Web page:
The Act applies to an "adult bookstore or video store," which is defined as a commercial establishment that "offers for sale or rent any of the following as one (1) of its principal business purposes": (A) A book, magazine, periodical or other printed matter, photograph, film, motion picture, videocassette, reproduction, slide, or other visual representation that depicts or describes a specific sexual activity; or

(B) An instrument, a device, or paraphernalia that is designed for use in connection with a specific sexual activity.

Id. § 302(2). A "specific sexual activity" is a "sex act, actual or simulated," or "[f]ondling or other erotic touching of a human genital, a pubic region, a buttock, an anus, or a female breast." Id. § 302(24).

The Act grandfathers in stores that opened before July 31, 2007, and does not apply when a protected site, like a school or daycare, subsequently locates within a business’s buffer zone. Id. § § 303(c), 307. Violations of the Act are punished as a Class A misdemeanor. Id. § 306. Localities may also pass ordinances that are "at least as restrictive" as the Act. Id. § 304.

More than a decade after the Act became law, Appellant wanted to open an Adam and Eve franchise in Jonesboro. According to its website, the national retailer promotes itself as the "#1 Adult Toy Superstore" and the "leading sex toy company in the USA."2 It advertises a wide variety of bondage gear, lingerie, movies, and personal lubricants. Id. The proposed Jonesboro franchise, however, would sell only lingerie, adult toys, costumes, novelties, games, massage oils, and personal lubricants.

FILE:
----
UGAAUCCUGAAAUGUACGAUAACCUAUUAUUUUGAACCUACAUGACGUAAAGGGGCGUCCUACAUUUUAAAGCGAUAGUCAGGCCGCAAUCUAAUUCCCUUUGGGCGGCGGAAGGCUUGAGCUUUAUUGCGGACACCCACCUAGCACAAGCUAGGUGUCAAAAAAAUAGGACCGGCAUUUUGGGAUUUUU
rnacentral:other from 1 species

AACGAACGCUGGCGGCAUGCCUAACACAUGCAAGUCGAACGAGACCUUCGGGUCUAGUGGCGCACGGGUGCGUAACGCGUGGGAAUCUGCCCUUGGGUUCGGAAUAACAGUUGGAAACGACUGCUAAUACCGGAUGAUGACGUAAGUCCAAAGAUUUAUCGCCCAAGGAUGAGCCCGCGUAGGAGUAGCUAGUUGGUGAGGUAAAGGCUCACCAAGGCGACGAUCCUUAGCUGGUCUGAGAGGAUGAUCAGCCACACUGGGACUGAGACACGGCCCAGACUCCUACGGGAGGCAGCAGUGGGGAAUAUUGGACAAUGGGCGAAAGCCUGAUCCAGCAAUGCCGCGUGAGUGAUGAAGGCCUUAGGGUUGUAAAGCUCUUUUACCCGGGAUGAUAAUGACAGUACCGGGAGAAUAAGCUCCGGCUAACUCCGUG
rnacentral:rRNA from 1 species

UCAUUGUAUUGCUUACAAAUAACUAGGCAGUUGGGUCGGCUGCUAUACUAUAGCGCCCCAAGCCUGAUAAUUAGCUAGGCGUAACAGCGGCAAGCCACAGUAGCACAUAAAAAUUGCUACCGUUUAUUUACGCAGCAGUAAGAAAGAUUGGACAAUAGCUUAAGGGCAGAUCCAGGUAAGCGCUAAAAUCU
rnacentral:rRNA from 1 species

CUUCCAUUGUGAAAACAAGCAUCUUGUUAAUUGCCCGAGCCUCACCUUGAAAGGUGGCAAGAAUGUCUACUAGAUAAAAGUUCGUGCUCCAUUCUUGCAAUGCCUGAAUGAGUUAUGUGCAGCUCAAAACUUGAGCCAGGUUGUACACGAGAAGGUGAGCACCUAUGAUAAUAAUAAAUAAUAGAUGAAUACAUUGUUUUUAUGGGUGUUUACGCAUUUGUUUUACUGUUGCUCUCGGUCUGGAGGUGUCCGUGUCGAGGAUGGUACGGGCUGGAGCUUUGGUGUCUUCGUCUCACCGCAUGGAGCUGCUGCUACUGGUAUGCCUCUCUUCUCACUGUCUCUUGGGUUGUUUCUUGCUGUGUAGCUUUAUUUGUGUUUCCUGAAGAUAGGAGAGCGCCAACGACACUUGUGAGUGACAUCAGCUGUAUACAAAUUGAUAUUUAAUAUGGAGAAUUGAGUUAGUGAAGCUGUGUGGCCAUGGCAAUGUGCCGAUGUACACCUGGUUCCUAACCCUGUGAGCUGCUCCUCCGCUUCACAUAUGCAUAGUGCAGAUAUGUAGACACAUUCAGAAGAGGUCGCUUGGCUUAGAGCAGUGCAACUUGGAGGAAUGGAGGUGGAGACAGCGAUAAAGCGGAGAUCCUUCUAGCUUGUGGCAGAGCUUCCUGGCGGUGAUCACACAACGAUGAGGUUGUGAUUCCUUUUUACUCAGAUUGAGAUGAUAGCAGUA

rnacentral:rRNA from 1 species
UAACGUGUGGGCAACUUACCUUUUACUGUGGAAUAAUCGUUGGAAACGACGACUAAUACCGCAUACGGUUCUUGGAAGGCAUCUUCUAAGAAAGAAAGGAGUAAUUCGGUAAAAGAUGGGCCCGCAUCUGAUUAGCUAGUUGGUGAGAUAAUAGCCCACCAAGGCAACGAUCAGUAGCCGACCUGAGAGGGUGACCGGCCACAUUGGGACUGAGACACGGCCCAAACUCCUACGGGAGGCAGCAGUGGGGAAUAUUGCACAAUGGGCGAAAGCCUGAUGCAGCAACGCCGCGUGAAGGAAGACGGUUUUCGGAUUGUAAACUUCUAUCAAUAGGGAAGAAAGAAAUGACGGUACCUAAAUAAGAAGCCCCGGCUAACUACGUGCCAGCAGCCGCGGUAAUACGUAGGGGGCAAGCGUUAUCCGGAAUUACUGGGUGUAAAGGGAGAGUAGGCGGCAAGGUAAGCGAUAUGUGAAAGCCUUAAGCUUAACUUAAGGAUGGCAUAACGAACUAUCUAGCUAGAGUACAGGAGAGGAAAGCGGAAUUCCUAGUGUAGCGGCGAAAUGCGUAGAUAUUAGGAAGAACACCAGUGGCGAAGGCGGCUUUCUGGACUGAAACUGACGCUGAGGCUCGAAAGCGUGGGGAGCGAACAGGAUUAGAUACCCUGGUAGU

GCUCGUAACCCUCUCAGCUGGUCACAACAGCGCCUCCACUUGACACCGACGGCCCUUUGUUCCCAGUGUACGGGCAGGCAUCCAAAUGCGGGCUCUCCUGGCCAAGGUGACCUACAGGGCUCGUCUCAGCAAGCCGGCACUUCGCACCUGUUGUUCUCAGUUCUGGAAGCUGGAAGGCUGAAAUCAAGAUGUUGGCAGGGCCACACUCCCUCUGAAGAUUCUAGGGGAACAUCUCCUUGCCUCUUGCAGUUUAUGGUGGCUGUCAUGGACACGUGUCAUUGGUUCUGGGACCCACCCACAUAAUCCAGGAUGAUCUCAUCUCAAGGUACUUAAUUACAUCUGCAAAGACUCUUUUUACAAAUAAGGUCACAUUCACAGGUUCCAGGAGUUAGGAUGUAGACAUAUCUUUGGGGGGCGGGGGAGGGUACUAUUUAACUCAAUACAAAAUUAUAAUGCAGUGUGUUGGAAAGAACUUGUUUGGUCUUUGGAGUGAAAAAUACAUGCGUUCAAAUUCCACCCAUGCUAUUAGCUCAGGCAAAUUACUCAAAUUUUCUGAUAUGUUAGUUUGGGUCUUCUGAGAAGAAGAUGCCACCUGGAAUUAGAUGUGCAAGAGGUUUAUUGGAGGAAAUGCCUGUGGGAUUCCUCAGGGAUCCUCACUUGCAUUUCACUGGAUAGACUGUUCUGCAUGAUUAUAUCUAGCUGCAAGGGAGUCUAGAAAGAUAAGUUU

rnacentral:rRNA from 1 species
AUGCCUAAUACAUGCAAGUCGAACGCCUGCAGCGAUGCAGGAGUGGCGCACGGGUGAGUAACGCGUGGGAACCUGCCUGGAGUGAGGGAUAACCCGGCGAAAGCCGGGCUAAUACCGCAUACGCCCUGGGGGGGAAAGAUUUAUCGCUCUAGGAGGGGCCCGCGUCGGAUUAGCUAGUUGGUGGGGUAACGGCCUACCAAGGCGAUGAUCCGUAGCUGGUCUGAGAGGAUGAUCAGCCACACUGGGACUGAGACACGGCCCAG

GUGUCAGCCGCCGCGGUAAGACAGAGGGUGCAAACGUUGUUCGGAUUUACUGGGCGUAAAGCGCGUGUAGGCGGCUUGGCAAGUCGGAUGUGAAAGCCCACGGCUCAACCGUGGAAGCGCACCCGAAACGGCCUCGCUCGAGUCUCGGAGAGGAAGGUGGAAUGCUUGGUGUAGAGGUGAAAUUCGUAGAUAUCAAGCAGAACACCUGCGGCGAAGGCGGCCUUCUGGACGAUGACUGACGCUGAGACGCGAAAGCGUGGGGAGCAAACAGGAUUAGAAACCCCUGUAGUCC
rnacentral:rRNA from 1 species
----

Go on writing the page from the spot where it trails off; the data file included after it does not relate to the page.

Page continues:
In December 2017, Adam and Eve received a privilege license to do business in Jonesboro. The privilege license application instructs potential entrepreneurs to coordinate with city planners to ensure

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that their proposed locations and uses comply with zoning laws. Adam and Eve did not do so, and on January 25, 2018, the building inspector refused to issue a certificate of occupancy that is required to open a business. The City Attorney explained that "the location chosen by the store requires them to apply for and receive a conditional use permit, based upon its zoning." JA 13. The permit could not issue because "it does not meet the distance requirement from churches, daycares, and residential uses." Id.

II.

Adam and Eve filed suit pursuant to 42 U.S.C. § 1983 alleging that the Act violated its First, Fifth, and Fourteenth Amendment rights and similar Arkansas rights. The complaint asserted that the Act violated the First Amendment because it "restrains the plaintiff’s retail sale of merchandise, based on the content of the merchandise." JA 5. Adam and Eve highlighted it would not host on-site entertainment such as "booths, stalls, or ... rooms for the on-premises viewing of movies" or "live adult entertainment or dancing of any sort." JA 2.

Arkansas intervened to defend the Act. The parties conducted limited...